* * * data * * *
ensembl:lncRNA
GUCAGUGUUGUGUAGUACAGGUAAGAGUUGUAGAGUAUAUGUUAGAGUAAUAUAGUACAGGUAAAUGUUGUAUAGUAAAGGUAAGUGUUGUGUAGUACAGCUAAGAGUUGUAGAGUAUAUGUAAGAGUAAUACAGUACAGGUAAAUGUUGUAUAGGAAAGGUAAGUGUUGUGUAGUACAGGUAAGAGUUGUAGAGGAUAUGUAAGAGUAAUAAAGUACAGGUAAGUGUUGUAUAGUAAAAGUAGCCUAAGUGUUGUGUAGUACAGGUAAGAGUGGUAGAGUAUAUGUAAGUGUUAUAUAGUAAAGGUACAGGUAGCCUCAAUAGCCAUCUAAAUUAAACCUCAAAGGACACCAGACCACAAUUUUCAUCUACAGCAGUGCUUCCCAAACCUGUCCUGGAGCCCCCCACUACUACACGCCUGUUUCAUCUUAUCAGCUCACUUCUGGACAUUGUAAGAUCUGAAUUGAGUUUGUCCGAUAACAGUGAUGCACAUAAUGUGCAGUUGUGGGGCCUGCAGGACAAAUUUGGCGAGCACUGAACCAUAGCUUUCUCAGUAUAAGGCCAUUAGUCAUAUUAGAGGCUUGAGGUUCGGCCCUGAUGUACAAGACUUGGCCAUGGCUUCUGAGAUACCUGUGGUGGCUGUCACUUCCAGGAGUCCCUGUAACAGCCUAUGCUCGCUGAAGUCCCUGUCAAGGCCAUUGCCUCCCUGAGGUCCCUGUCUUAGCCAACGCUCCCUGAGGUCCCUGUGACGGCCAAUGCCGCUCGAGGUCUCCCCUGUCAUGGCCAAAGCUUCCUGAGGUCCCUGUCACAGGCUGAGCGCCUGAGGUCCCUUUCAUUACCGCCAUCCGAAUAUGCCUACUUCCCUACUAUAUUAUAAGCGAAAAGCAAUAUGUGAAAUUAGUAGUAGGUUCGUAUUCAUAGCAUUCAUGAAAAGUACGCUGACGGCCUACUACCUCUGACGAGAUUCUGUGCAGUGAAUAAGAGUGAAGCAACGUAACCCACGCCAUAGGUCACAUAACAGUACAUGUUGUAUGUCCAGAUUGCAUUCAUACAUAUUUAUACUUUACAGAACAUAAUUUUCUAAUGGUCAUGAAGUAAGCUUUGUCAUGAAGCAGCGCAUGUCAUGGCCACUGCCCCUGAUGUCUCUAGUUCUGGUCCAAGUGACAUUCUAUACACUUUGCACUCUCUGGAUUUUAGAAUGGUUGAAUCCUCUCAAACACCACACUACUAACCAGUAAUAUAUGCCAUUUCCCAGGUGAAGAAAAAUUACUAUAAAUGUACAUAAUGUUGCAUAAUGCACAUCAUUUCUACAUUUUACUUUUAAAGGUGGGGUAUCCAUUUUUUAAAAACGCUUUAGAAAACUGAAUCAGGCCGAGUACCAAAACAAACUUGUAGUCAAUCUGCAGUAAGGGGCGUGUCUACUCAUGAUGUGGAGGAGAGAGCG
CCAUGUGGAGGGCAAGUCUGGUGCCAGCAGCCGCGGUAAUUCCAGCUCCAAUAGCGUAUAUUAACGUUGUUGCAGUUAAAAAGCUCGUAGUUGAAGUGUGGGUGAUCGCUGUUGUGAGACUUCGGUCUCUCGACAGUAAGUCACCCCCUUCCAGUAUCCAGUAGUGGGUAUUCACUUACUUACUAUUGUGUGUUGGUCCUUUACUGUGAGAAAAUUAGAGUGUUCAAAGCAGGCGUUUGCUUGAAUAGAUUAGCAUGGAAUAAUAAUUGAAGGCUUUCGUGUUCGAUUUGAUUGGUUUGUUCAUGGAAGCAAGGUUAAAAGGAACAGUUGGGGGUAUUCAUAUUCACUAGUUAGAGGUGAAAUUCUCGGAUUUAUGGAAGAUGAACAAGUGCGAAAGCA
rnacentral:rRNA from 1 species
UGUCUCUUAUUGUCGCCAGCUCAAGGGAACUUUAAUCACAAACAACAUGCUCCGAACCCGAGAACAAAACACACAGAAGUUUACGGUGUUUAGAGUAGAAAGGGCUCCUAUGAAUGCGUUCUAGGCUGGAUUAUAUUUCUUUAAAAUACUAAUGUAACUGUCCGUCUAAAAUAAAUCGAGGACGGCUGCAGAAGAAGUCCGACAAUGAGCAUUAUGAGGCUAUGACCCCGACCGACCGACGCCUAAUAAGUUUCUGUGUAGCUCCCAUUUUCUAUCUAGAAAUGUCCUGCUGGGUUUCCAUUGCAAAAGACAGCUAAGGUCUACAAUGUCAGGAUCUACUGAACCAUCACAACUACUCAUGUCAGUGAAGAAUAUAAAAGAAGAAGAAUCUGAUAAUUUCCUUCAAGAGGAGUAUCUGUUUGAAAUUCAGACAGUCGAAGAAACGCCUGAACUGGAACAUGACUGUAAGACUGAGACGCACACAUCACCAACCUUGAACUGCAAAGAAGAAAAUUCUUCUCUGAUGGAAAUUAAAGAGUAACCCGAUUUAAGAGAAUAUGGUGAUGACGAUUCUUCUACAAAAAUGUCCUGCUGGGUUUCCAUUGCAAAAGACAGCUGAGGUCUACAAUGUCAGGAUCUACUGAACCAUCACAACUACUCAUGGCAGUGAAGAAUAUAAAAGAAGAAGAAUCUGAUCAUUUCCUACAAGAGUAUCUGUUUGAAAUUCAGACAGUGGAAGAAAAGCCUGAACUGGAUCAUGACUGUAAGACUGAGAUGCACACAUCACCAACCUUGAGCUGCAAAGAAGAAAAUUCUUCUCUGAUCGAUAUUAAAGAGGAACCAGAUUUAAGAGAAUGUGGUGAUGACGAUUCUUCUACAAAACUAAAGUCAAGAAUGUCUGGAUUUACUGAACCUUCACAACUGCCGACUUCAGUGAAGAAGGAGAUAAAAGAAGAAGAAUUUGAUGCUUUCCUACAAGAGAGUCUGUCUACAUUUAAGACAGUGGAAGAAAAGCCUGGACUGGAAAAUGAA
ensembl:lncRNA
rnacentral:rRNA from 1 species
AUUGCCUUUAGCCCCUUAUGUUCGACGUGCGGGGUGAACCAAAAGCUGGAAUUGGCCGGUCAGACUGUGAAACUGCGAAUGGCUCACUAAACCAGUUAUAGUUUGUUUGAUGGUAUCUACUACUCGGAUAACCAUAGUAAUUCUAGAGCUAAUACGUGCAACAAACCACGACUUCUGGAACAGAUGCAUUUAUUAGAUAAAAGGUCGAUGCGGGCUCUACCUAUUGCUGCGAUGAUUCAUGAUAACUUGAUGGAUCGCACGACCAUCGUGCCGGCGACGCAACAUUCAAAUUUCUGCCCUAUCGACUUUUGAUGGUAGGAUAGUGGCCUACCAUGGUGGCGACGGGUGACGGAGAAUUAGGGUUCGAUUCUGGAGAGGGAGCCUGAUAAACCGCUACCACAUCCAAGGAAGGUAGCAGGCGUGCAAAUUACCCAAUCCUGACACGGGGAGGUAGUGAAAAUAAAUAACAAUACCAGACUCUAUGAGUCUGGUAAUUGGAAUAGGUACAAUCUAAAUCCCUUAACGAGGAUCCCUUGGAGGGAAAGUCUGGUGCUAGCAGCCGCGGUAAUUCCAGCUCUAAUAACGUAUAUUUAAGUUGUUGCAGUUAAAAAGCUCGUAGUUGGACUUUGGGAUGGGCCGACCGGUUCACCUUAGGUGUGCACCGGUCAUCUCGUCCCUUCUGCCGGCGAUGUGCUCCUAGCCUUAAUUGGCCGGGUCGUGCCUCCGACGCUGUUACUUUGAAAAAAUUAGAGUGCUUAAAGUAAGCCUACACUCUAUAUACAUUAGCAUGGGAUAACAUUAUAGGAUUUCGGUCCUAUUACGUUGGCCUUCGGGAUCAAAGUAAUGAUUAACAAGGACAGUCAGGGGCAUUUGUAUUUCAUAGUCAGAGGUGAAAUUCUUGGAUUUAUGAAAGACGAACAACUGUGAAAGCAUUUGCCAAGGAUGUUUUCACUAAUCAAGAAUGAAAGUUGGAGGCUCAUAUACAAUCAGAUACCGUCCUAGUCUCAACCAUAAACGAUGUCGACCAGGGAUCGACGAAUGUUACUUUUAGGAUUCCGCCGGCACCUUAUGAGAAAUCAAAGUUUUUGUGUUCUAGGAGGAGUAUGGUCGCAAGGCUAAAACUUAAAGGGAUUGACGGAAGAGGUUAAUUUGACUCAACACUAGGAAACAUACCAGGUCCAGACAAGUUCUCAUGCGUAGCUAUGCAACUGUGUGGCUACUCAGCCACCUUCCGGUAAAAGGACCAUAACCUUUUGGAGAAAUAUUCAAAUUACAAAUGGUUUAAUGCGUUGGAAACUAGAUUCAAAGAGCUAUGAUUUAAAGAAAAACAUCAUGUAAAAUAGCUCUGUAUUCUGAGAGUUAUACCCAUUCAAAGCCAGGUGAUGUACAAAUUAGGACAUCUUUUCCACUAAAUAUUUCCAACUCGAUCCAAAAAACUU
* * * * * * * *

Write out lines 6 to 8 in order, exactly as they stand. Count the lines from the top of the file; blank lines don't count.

ensembl:lncRNA
rnacentral:rRNA from 1 species
AUUGCCUUUAGCCCCUUAUGUUCGACGUGCGGGGUGAACCAAAAGCUGGAAUUGGCCGGUCAGACUGUGAAACUGCGAAUGGCUCACUAAACCAGUUAUAGUUUGUUUGAUGGUAUCUACUACUCGGAUAACCAUAGUAAUUCUAGAGCUAAUACGUGCAACAAACCACGACUUCUGGAACAGAUGCAUUUAUUAGAUAAAAGGUCGAUGCGGGCUCUACCUAUUGCUGCGAUGAUUCAUGAUAACUUGAUGGAUCGCACGACCAUCGUGCCGGCGACGCAACAUUCAAAUUUCUGCCCUAUCGACUUUUGAUGGUAGGAUAGUGGCCUACCAUGGUGGCGACGGGUGACGGAGAAUUAGGGUUCGAUUCUGGAGAGGGAGCCUGAUAAACCGCUACCACAUCCAAGGAAGGUAGCAGGCGUGCAAAUUACCCAAUCCUGACACGGGGAGGUAGUGAAAAUAAAUAACAAUACCAGACUCUAUGAGUCUGGUAAUUGGAAUAGGUACAAUCUAAAUCCCUUAACGAGGAUCCCUUGGAGGGAAAGUCUGGUGCUAGCAGCCGCGGUAAUUCCAGCUCUAAUAACGUAUAUUUAAGUUGUUGCAGUUAAAAAGCUCGUAGUUGGACUUUGGGAUGGGCCGACCGGUUCACCUUAGGUGUGCACCGGUCAUCUCGUCCCUUCUGCCGGCGAUGUGCUCCUAGCCUUAAUUGGCCGGGUCGUGCCUCCGACGCUGUUACUUUGAAAAAAUUAGAGUGCUUAAAGUAAGCCUACACUCUAUAUACAUUAGCAUGGGAUAACAUUAUAGGAUUUCGGUCCUAUUACGUUGGCCUUCGGGAUCAAAGUAAUGAUUAACAAGGACAGUCAGGGGCAUUUGUAUUUCAUAGUCAGAGGUGAAAUUCUUGGAUUUAUGAAAGACGAACAACUGUGAAAGCAUUUGCCAAGGAUGUUUUCACUAAUCAAGAAUGAAAGUUGGAGGCUCAUAUACAAUCAGAUACCGUCCUAGUCUCAACCAUAAACGAUGUCGACCAGGGAUCGACGAAUGUUACUUUUAGGAUUCCGCCGGCACCUUAUGAGAAAUCAAAGUUUUUGUGUUCUAGGAGGAGUAUGGUCGCAAGGCUAAAACUUAAAGGGAUUGACGGAAGAGGUUAAUUUGACUCAACACUAGGAAACAUACCAGGUCCAGACAAGUUCUCAUGCGUAGCUAUGCAACUGUGUGGCUACUCAGCCACCUUCCGGUAAAAGGACCAUAACCUUUUGGAGAAAUAUUCAAAUUACAAAUGGUUUAAUGCGUUGGAAACUAGAUUCAAAGAGCUAUGAUUUAAAGAAAAACAUCAUGUAAAAUAGCUCUGUAUUCUGAGAGUUAUACCCAUUCAAAGCCAGGUGAUGUACAAAUUAGGACAUCUUUUCCACUAAAUAUUUCCAACUCGAUCCAAAAAACUU